Defining what “done” really means is very important. There are many versions of “done” within the life of your project—what it means to be “done” with a story, release, or whole project. It all boils down to what you, your team, and business will consider as complete to the right level of quality to satisfy readiness to ship.
For your team, the definition of a “done” story will be something like all code complete, peer reviewed, meets the defined acceptance criteria, unit tested, UAT’ed, and pushed to your code repository. To enable the passing of a story from designer to developer to tester, definitions of “done” will have to be accepted by the next person in the chain. Your product owner will have expectations as to what this means to them in order to release the product increment to your customers. In any case, everybody must be aware of what “done” means and be a responsible party in ensuring its meaning is met. Define your definition of “done,” communicate it, agree upon it and, evolve it. Done done.
If you can’t measure it, you can’t manage it. The same goes for improvements. The need to gather empirical data in an Agile project is almost as vital as having blood course through your veins! How do you know what needs managing, correcting, or improving if there’s no data? Well, simply put, you’ll be relying on gut feel and unsubstantiated guesswork, which falls apart pretty quickly under scrutiny. And depending on who’s doing the scrutinizing, this can be a rather uncomfortable place to be. So from the outset of your project, ensure you know how you are going to demonstrate progress and by what measures others are going to view your success.
Fortunately, Agile comes loaded with useful tools and techniques. The first thing to do is go back to the Agile Manifesto, type the following words into your favorite word processor, blow them up to 96pt, print, and apply to the wall for all to see :
Your greatest demonstrable power in delivering software is to show it to people working, doing what it’s supposed to do. Not only will this make your customers happy, it will earn your team great respect and grease the wheels for greater adoption through the business.
Here are some other tools:
· The daily standup: There are a few variations of this ceremony, but the essence is to have all team members talk to each other face to face: Keep it short, keep it focused, and keep it light. If anything needs discussion at great length, park it for a longer conversation between those needed after the standup. If impediments are raised, write them up like a story, add them to your backlog, and get them addressed asap. Anything that is impeding your team slows their progress and will be demonstrable in reduced velocity and software that does not meet expectations.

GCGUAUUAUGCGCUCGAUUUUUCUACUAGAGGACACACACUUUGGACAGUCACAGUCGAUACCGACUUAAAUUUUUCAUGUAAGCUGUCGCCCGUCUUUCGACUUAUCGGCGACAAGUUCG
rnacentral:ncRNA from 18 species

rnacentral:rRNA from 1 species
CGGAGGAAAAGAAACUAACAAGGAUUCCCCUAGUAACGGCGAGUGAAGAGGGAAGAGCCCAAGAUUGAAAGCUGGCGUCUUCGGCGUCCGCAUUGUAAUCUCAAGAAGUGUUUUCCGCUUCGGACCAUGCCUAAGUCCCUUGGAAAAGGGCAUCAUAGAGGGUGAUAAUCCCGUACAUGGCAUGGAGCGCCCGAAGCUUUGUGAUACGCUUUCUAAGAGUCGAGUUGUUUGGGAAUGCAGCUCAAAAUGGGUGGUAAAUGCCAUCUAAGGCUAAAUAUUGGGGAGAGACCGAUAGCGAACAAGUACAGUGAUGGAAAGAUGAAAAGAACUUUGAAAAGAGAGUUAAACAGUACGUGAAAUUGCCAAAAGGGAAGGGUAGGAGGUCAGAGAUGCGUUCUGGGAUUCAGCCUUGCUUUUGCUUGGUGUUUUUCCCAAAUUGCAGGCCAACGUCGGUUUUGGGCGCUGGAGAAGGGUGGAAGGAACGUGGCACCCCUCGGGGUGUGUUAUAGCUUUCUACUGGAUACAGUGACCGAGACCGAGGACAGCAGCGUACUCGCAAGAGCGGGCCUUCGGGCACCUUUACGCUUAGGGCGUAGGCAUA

· Velocity: Is a historical tool. It’s a little like those financial warnings you get that says past performance is no guarantee of future performance. But in Agile’s case, we do hope to achieve a team velocity that is largely smooth. It’s velocity that allows us to project future performance and confidence in our plans. There may be influences outside your control which might lower the number of story points output for a given sprint. If this happens, you’ll probably be able to recover. Never use velocity as a stick to beat your team with; it will win you no favors. One thing for sure is that velocity will be erratic for the first 2–4 sprints. Somewhere in that timeframe, though, you should start to see consistency and stability. If your velocity is wavering from one extreme to another, you’ve got a problem which you’ll need to fix with your team.
· The burndown chart: Now this measure of progress is a thorny one. For that reason, I haven’t given a link to go find out more—you’ll have to do your own research and agree as a team and business which works for you. The reason it’s thorny? Well, not one resource out there tells the same story! One thing agreed upon is that it will show, within a sprint or a release, how you’re performing against your timebox. If maintained daily, it will show if you’re on track or deviating. Some teams use it to represent how much value is left to be created, more often than not, others use it to show how much work is left to be completed. The former is a celebration of success and value generation, the latter is less inspiring and motivating.
· The burnup chart: If you must show work completion rates, use the burndown chart for that. But using the burnup chart allows you to show how much value has been created and how much more value you’re planning to create by the end of the sprint. A much more motivating tool for a team to both demonstrate to the business what has been done (or little if things aren’t going so well…) and what they still have their sights set on. In any case, use the charts to spot where progress is not tracking as expected and look for patterns or deviations and get on top of them to fix the underlying problem as soon as possible. Update them daily for sprints and once at the end of a sprint for release version charts.
· Task boards: These are great visual radiators for demonstrating value being created. When updated daily, or at any point in the day, they immediately show progress being made. If combined with Kanban, they’re also great tools for visualizing flow and blockages in the system. If you can see that lots of development has been completed, but testing is not as productive, you can see the problem happening and respond appropriately and swiftly.
Keep these measures, charts, and other tools visible, preferably loud and proud on a wall for all to see. The team, stakeholders, and other interested parties can immediately see the status of a project. It’s transparent and serves as a valuable communication tool. If you can’t put these artifacts on a wall, use tools that are sharable and collaborative and make sure those that want access have it.